Tag Archives: go violets

Record review: Jeremy Neale – In Stranger Times (2013, EP)

Jeremy Neale

Brisbane indie-pop troubadour Jeremy Neale must be one of the hardest-working musicians plying his trade today. Not satisfied with being a member of rabble rousers Velociraptor, surf-rock piss-takers Teen Sensations and space-noise act Tiger Beams, as well as being support act of choice for the likes of The Preatures and Surfer Blood, he’s now releasing a long-awaited debut EP under his own name. It’s reasonable to think that having fingers in so many pies might mean In Stranger Times would be a patchy affair, but in reality, it contains some of the Queensland Music Award winner’s best musical output to date. Giving generous nods to sixties lo-fi garage-pop and classic girl groups of the same era, it’s a fun and catchy breath of musical fresh air from start to finish. Neale’s innate ability to write three-minute pop gems and his soulful garage croon are his strong points, most notably on latest single ‘Swing Left’, which manages to mix clap-along pop with ominous piano-led despondency. The title track is another highlight, as Neale joins forces with Brisbane’s favourite all-girl guitar band Go Violets to run through a perfectly-rounded pop song with instantly catchy guitar intro and boy-girl harmonies to die for. ‘A Love Affair To Keep You There’ is a darker effort; the inevitable break-up song that’s in contrast to the previous lyrical content. It will be interesting to see if Neale continues with his solo ventures in the near future, or whether he’ll be happy to remain as frontman and song-writer for Velociraptor or one of his other acts, but on this evidence the path to take should be pretty clear. (Create/Control)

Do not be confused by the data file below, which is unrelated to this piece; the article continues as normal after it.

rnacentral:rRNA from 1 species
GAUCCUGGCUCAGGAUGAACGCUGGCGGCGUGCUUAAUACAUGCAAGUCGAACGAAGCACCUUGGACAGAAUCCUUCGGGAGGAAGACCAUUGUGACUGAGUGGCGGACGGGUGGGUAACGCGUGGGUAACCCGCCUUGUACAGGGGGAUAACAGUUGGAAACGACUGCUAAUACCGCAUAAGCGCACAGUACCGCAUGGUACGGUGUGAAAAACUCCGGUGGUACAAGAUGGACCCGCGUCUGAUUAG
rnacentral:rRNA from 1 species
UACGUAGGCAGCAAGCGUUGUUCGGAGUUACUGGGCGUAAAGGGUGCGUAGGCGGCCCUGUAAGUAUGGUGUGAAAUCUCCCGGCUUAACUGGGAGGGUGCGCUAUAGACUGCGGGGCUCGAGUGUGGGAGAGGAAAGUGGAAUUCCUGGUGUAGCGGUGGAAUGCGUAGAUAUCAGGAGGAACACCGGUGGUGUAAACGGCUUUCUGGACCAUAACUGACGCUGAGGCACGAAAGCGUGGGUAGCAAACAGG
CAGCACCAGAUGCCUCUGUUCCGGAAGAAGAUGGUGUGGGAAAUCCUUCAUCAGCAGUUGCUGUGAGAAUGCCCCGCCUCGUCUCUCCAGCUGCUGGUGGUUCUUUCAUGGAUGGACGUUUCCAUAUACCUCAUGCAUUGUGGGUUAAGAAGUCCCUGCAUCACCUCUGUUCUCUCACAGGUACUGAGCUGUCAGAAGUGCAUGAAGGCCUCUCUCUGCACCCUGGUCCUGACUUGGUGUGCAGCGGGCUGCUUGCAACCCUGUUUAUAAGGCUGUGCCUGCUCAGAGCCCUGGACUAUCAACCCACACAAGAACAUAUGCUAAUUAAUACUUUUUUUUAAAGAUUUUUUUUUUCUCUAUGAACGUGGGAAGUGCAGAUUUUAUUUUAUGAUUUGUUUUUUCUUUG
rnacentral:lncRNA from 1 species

Record review: Go Violets – Heart Slice (2013, EP)

Go Violets

There’s something pretty irresistible about Go Violets, even before you’ve heard a single note of their music. The Brisbane all-girl indie-pop quartet take the kind of infectiously rosy approach to making music and performing that makes you feel like you’re stuck in some perennially perfect version of your teenage self, with nothing but carefree good times and unadulterated high hopes for the future.

Then you hear their tunes, and before you can work out whether the sweet, summer-y harmonies and tales of innocent adolescent longing are cleverly and carefully reconstructed versions of pop masterpieces from times gone by or whether the reference points are entirely coincidental, you find yourself being absorbed into the simple upbeat beauty of it all and thinking that if there’s any justice in the world, this band will be bigger than Robin Thicke’s ego. That’s pretty damn big.

Heart Slice is their debut EP, and in a nutshell, is a six-track, eighteen-minute blast of power-pop and catchy choruses that will charm you into falling under its spell, even if it’s not exactly ground-breaking or particularly technical stuff. “We’ll stick and never will divide,” sings lead vocalist Phoebe Imhoff on opener and best track ‘Teenager’, starting a lyrical run of subjects that include being “mad about you” and “meeting in the park” – get the idea? Various members switch instruments and take turns at lead vocals, as they do when playing live, with drummer Ruby McGregor and guitarist Alice Rezende swapping spots with ease, while bassist Harriette Pilbeam underpins it all with a punchy pop groove.